Denmark food research to focus on emerging technologies

 
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PostPosted: Fri Aug 24, 2007 9:48 am    Post subject: Denmark food research to focus on emerging technologies Reply with quote

Denmark food research to focus on emerging technologies

by Ahmid ElAmin


A merger between the National Food Institute and the Technical University of Denmark (DTU) will help focus risk research on emerging issues such as nanotechnology.

The tie up of research power is a sign that regulators are attempting to stay ahead of emerging issues in food safety.

Nanotechnology is attractive to the food industry as it promises to yield new solutions to key challenges. However the technology could be held back as public concern focuses on issues on food safety as more and more companies begin to use it for packaging or producing new products.

In Denmark the newly-created Food-DTU centre is expected to be in operation this spring and is intended to further strengthen and further develop research into risks posed by pathogens and new technologies used by industry, the Børsen Business Daily reported.

The Veterinary Institute will also participate in the merger, along with the Danish Institute for Fisheries Research and food researchers at the Risø National Laboratories.

DTU institutes for Chemical Technique, Production and Management, Informatics and Mathematical Modelling, Micro and Nanotechnology as well as Biocentrum will also be included in Food-DTU.

One project listed on the National Food Insitute (NFI) site concerns assessing the potential health risks posed by nanotechnology.

"The hypothesis is that the mere nanometer size of matter, and its associated large surface area, may lead to adverse effects in living organisms including humans," the NFI stated. "Therefore health risk assessment of nanomaterials is of importance. The specific scope of this project is to develop and apply methodologies for nanoparticle recovery, detection of their chemical composition and determination of their size and surface area."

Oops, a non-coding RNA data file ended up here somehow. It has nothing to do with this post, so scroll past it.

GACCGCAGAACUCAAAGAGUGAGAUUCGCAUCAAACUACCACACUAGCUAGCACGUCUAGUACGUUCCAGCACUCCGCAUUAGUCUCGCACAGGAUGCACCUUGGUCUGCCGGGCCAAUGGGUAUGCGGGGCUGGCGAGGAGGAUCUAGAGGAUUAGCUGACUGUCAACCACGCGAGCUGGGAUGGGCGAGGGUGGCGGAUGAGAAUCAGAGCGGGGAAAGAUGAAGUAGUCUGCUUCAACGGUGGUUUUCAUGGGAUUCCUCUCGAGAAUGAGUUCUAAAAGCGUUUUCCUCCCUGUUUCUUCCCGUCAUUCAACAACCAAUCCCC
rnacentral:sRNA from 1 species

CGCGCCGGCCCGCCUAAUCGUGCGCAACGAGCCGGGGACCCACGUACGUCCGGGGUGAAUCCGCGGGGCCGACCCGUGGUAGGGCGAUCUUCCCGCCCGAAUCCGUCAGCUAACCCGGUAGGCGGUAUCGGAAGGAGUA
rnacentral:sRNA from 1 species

The methods will be applied to particles in suspension or dosed to biological materials such as cell-lines or living animals, according the research brief. The project will also test methods to extract or liberate nanosized matter from food contact materials or from cells.

The National Food Institute focuses on public health in relation to human nutrition, food safety, environment and health. Its activities include researching the health risks posed by food products throughout the entire food chain, from primary agricultural production and industrial processing.

Nanotechnology deals with controlling the properties of matter with lengths of between 1 and 100 nanometres. One nano-metre is equal to one billionth of a metre, and is about the size of a small molecule.

Worldwide sales of nanotechnology products to the food and beverage packaging sector jumped to US$860m (€687.5m) in 2004 from US$150m (€120m) in 2002, according to a study by consultant Helmut Kaiser.

The German firm predicts that nanotechnology will change 25 per cent of the food packaging business in the next decade leading to a yearly market of about $30bn (€24bn).


Source: http://www.foodproductiondaily.com/





Story first posted: 23rd February 2007.
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